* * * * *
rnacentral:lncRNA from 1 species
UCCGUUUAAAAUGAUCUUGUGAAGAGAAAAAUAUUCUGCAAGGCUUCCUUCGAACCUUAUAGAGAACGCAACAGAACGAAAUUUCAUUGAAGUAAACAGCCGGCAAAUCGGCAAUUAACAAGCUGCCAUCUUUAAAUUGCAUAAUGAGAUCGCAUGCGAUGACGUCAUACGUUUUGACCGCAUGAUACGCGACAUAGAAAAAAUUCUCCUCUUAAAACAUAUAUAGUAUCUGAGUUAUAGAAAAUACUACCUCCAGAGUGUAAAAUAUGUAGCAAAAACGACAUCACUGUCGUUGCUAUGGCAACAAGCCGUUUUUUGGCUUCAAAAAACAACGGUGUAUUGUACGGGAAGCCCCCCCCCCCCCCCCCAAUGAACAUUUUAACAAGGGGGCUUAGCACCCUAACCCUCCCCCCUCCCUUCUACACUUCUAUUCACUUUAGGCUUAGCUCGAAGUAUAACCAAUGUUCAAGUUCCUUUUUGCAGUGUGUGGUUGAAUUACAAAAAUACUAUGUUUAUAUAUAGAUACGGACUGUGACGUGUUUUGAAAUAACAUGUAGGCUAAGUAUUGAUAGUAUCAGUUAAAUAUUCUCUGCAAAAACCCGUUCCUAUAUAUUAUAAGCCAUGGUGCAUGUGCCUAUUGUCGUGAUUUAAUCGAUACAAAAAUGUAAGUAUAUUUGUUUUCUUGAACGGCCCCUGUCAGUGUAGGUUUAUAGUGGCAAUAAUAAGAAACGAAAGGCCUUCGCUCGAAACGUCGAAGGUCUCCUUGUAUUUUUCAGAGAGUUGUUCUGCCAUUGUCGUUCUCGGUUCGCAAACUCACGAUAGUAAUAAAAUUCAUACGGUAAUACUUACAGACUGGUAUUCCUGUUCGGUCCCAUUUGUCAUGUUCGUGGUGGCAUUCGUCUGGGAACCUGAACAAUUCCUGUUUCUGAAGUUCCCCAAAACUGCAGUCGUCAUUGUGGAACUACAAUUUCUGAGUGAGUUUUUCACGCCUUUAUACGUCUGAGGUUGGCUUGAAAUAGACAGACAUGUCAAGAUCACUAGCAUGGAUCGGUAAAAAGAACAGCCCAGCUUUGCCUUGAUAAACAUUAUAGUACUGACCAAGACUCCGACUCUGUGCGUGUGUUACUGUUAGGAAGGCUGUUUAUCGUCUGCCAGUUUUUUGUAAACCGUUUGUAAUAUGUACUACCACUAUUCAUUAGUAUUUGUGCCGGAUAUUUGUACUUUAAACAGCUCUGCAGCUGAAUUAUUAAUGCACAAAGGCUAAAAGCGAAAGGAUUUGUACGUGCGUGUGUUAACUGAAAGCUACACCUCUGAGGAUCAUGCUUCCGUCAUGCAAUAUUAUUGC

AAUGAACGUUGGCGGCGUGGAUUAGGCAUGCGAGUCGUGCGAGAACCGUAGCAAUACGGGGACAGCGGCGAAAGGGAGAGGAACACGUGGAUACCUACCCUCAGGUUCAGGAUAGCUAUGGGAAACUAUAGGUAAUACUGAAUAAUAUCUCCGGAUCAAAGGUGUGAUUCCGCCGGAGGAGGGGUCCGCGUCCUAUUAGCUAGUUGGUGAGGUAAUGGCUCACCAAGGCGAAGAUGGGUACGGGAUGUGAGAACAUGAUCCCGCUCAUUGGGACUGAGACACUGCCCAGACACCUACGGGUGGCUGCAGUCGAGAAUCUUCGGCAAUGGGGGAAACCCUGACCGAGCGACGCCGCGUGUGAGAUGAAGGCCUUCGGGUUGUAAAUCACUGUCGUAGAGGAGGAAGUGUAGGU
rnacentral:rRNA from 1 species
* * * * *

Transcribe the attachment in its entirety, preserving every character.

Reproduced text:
rnacentral:lncRNA from 1 species
UCCGUUUAAAAUGAUCUUGUGAAGAGAAAAAUAUUCUGCAAGGCUUCCUUCGAACCUUAUAGAGAACGCAACAGAACGAAAUUUCAUUGAAGUAAACAGCCGGCAAAUCGGCAAUUAACAAGCUGCCAUCUUUAAAUUGCAUAAUGAGAUCGCAUGCGAUGACGUCAUACGUUUUGACCGCAUGAUACGCGACAUAGAAAAAAUUCUCCUCUUAAAACAUAUAUAGUAUCUGAGUUAUAGAAAAUACUACCUCCAGAGUGUAAAAUAUGUAGCAAAAACGACAUCACUGUCGUUGCUAUGGCAACAAGCCGUUUUUUGGCUUCAAAAAACAACGGUGUAUUGUACGGGAAGCCCCCCCCCCCCCCCCCAAUGAACAUUUUAACAAGGGGGCUUAGCACCCUAACCCUCCCCCCUCCCUUCUACACUUCUAUUCACUUUAGGCUUAGCUCGAAGUAUAACCAAUGUUCAAGUUCCUUUUUGCAGUGUGUGGUUGAAUUACAAAAAUACUAUGUUUAUAUAUAGAUACGGACUGUGACGUGUUUUGAAAUAACAUGUAGGCUAAGUAUUGAUAGUAUCAGUUAAAUAUUCUCUGCAAAAACCCGUUCCUAUAUAUUAUAAGCCAUGGUGCAUGUGCCUAUUGUCGUGAUUUAAUCGAUACAAAAAUGUAAGUAUAUUUGUUUUCUUGAACGGCCCCUGUCAGUGUAGGUUUAUAGUGGCAAUAAUAAGAAACGAAAGGCCUUCGCUCGAAACGUCGAAGGUCUCCUUGUAUUUUUCAGAGAGUUGUUCUGCCAUUGUCGUUCUCGGUUCGCAAACUCACGAUAGUAAUAAAAUUCAUACGGUAAUACUUACAGACUGGUAUUCCUGUUCGGUCCCAUUUGUCAUGUUCGUGGUGGCAUUCGUCUGGGAACCUGAACAAUUCCUGUUUCUGAAGUUCCCCAAAACUGCAGUCGUCAUUGUGGAACUACAAUUUCUGAGUGAGUUUUUCACGCCUUUAUACGUCUGAGGUUGGCUUGAAAUAGACAGACAUGUCAAGAUCACUAGCAUGGAUCGGUAAAAAGAACAGCCCAGCUUUGCCUUGAUAAACAUUAUAGUACUGACCAAGACUCCGACUCUGUGCGUGUGUUACUGUUAGGAAGGCUGUUUAUCGUCUGCCAGUUUUUUGUAAACCGUUUGUAAUAUGUACUACCACUAUUCAUUAGUAUUUGUGCCGGAUAUUUGUACUUUAAACAGCUCUGCAGCUGAAUUAUUAAUGCACAAAGGCUAAAAGCGAAAGGAUUUGUACGUGCGUGUGUUAACUGAAAGCUACACCUCUGAGGAUCAUGCUUCCGUCAUGCAAUAUUAUUGC

AAUGAACGUUGGCGGCGUGGAUUAGGCAUGCGAGUCGUGCGAGAACCGUAGCAAUACGGGGACAGCGGCGAAAGGGAGAGGAACACGUGGAUACCUACCCUCAGGUUCAGGAUAGCUAUGGGAAACUAUAGGUAAUACUGAAUAAUAUCUCCGGAUCAAAGGUGUGAUUCCGCCGGAGGAGGGGUCCGCGUCCUAUUAGCUAGUUGGUGAGGUAAUGGCUCACCAAGGCGAAGAUGGGUACGGGAUGUGAGAACAUGAUCCCGCUCAUUGGGACUGAGACACUGCCCAGACACCUACGGGUGGCUGCAGUCGAGAAUCUUCGGCAAUGGGGGAAACCCUGACCGAGCGACGCCGCGUGUGAGAUGAAGGCCUUCGGGUUGUAAAUCACUGUCGUAGAGGAGGAAGUGUAGGU
rnacentral:rRNA from 1 species